Rspec trick: Getting at output you can’t see

I was having a problem yesterday with a specific rspec test that was failing for my puppet tool generate-puppetfile, and I couldn’t understand why. I was expecting an exitcode of 0 but was receiving 1, so obviously I had an issue, but I couldn’t see the accompanying error message. When I attempted to run the command myself, it succeeded, so I was pretty sure the issue was with either argument handling by my program or more likely, the way I wrote my rspec test (spoiler:  it was in my rspec!). Here’s what the rspec test looked like to start with:

  context 'when creating fixtures' do
    let :args do
        'rnelson0/certs'
        '--create-fixtures'
    end

    its(:exitstatus) { is_expected.to eq(0) }
    it 'should create .fixtures.yml' do
      File.exists? './.fixtures.yml'
    end
  end

Astute readers may see the problem already, but I didn’t. When I ran this test, the errors weren’t very helpful:

  when creating fixtures
    should create .fixtures.yml
    exitstatus
      should eq 0 (FAILED - 1)

Failures:

  1) GeneratePuppetfile::Bin when creating fixtures exitstatus should eq 0
     Failure/Error: its(:exitstatus) { is_expected.to eq(0) }

       expected: 0
            got: 1

       (compared using ==)
     # ./spec/generate_puppetfile/bin_spec.rb:81:in `block (3 levels) in '

Well that’s so helpful! I didn’t see the error, and running bundle exec generate-puppetfile rnelson0/certs --create-fixtures worked without any problems. I couldn’t see the output since I had to capture it for use with other tests (see here), but I could get at it indirectly. That output is captured in the subject variable, which is tested elsewhere by looking at subject.stdout or subject.stderr. By adding a check against this, I won’t automatically see the output, but if the comparison fails, it shows the actual output that was expected to contain Generating .fixtures.yml:

  # Addition to tests
    it 'should say that fixtures have been created' do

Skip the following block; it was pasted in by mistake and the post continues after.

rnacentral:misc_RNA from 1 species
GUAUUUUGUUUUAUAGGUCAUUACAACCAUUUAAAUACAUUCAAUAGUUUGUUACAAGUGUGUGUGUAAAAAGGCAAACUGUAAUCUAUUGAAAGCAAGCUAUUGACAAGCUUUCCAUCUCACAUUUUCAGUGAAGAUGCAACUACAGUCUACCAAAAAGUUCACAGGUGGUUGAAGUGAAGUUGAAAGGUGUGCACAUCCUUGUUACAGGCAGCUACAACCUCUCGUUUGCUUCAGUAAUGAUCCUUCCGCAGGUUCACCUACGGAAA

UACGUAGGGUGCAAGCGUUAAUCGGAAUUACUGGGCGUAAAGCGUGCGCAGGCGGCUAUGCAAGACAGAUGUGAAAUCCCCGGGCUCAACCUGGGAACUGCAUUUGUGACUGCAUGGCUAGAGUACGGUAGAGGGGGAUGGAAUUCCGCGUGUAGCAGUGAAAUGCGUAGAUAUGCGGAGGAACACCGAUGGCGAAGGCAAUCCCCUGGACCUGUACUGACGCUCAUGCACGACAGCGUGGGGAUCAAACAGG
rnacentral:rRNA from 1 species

expect(subject.stdout).to include "Generating .fixtures.yml"
    end
  # New error messages
  when creating fixtures
    should say that fixtures have been created (FAILED - 1)
    should create .fixtures.yml
    exitstatus
      should eq 0 (FAILED - 2)

Failures:

  1) GeneratePuppetfile::Bin when creating fixtures should say that fixtures have been created
     Failure/Error: expect(subject.stdout).to include "Generating .fixtures.yml"
       expected "generate-puppetfile: try 'generate-puppetfile --help' for more information." to include "Generating .fixtures.yml"
     # ./spec/generate_puppetfile/bin_spec.rb:83:in `block (3 levels) in '

  2) GeneratePuppetfile::Bin when creating fixtures exitstatus should eq 0
     Failure/Error: its(:exitstatus) { is_expected.to eq(0) }

       expected: 0
            got: 1

       (compared using ==)
     # ./spec/generate_puppetfile/bin_spec.rb:81:in `block (3 levels) in '

This informed me that the arguments in my tests were not making it to generate-puppetfile properly, and after verifying how my program accepted arguments, it turned out it was the let :args do block. I was not creating the contents as an array, so only the last argument provided actually counted. Whoops! The updated test looks like:

  context 'when creating fixtures' do
    let :args do [
        'rnelson0/certs',
        '--create-fixtures',
      ]
    end

    its(:exitstatus) { is_expected.to eq(0) }
    it 'should say that fixtures have been created' do
      expect(subject.stdout).to include "Generating .fixtures.yml"
    end
    it 'should create .fixtures.yml' do
      File.exists? './.fixtures.yml'
    end
  end

Note the square brackets and commas between arguments. In hindsight, this is fairly obvious, but it was easy to miss as no error was thrown by the improper syntax. Thankfully, I was able to capture output more directly and see what the exact result was. I feel a little more capable now with rspec and I hope this helps others as well!

Leave a Reply

Fill in your details below or click an icon to log in:

WordPress.com Logo

You are commenting using your WordPress.com account. Log Out / Change )

Twitter picture

You are commenting using your Twitter account. Log Out / Change )

Facebook photo

You are commenting using your Facebook account. Log Out / Change )

Google+ photo

You are commenting using your Google+ account. Log Out / Change )

Connecting to %s